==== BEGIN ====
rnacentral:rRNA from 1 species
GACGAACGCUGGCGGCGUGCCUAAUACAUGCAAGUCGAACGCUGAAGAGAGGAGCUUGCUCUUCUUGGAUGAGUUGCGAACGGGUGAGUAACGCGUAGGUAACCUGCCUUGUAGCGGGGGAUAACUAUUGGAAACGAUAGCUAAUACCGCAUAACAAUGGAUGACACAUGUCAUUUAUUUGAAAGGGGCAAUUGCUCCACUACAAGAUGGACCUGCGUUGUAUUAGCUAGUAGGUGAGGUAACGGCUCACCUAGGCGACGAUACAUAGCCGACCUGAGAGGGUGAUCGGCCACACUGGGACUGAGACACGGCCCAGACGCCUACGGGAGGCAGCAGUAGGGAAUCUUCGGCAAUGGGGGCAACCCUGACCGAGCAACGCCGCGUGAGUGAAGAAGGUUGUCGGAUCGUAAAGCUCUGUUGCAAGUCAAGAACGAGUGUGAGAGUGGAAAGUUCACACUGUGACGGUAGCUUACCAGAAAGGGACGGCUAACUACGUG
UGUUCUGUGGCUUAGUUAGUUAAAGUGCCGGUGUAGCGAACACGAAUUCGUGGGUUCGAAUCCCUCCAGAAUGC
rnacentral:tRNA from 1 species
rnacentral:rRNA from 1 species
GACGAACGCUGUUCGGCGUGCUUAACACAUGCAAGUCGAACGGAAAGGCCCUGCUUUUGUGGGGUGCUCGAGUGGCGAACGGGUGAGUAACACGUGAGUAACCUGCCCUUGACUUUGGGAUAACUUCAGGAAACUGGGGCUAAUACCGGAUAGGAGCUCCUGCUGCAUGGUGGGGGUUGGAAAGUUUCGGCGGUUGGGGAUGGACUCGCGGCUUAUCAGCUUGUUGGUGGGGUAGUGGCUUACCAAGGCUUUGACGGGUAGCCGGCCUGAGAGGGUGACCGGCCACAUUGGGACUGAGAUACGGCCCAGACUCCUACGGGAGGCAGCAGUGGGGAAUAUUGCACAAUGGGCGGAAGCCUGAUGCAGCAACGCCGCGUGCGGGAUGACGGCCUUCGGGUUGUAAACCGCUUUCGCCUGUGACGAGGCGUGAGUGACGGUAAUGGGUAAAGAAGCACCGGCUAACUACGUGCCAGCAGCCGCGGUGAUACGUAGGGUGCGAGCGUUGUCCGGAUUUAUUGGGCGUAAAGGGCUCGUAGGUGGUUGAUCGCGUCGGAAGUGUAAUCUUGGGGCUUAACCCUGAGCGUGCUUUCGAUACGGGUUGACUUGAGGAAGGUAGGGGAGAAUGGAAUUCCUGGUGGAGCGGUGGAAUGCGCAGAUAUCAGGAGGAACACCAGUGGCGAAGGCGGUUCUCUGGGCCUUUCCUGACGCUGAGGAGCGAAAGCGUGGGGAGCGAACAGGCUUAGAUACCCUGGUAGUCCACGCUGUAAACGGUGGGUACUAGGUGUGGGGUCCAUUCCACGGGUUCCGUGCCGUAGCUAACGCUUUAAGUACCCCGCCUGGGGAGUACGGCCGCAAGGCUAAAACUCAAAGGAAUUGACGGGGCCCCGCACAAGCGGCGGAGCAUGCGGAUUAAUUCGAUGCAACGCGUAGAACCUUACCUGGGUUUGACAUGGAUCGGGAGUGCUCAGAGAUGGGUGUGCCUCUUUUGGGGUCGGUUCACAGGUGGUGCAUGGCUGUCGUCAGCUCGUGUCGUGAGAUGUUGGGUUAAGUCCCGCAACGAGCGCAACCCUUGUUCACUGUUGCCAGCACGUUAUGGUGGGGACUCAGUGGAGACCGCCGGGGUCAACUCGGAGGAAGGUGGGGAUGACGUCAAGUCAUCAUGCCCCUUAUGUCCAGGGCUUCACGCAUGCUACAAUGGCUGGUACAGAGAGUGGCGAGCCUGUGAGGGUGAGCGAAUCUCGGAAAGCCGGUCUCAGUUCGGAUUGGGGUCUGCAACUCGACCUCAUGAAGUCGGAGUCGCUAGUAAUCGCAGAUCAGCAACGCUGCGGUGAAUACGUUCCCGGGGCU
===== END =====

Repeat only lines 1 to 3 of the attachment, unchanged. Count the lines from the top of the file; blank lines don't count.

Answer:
rnacentral:rRNA from 1 species
GACGAACGCUGGCGGCGUGCCUAAUACAUGCAAGUCGAACGCUGAAGAGAGGAGCUUGCUCUUCUUGGAUGAGUUGCGAACGGGUGAGUAACGCGUAGGUAACCUGCCUUGUAGCGGGGGAUAACUAUUGGAAACGAUAGCUAAUACCGCAUAACAAUGGAUGACACAUGUCAUUUAUUUGAAAGGGGCAAUUGCUCCACUACAAGAUGGACCUGCGUUGUAUUAGCUAGUAGGUGAGGUAACGGCUCACCUAGGCGACGAUACAUAGCCGACCUGAGAGGGUGAUCGGCCACACUGGGACUGAGACACGGCCCAGACGCCUACGGGAGGCAGCAGUAGGGAAUCUUCGGCAAUGGGGGCAACCCUGACCGAGCAACGCCGCGUGAGUGAAGAAGGUUGUCGGAUCGUAAAGCUCUGUUGCAAGUCAAGAACGAGUGUGAGAGUGGAAAGUUCACACUGUGACGGUAGCUUACCAGAAAGGGACGGCUAACUACGUG
UGUUCUGUGGCUUAGUUAGUUAAAGUGCCGGUGUAGCGAACACGAAUUCGUGGGUUCGAAUCCCUCCAGAAUGC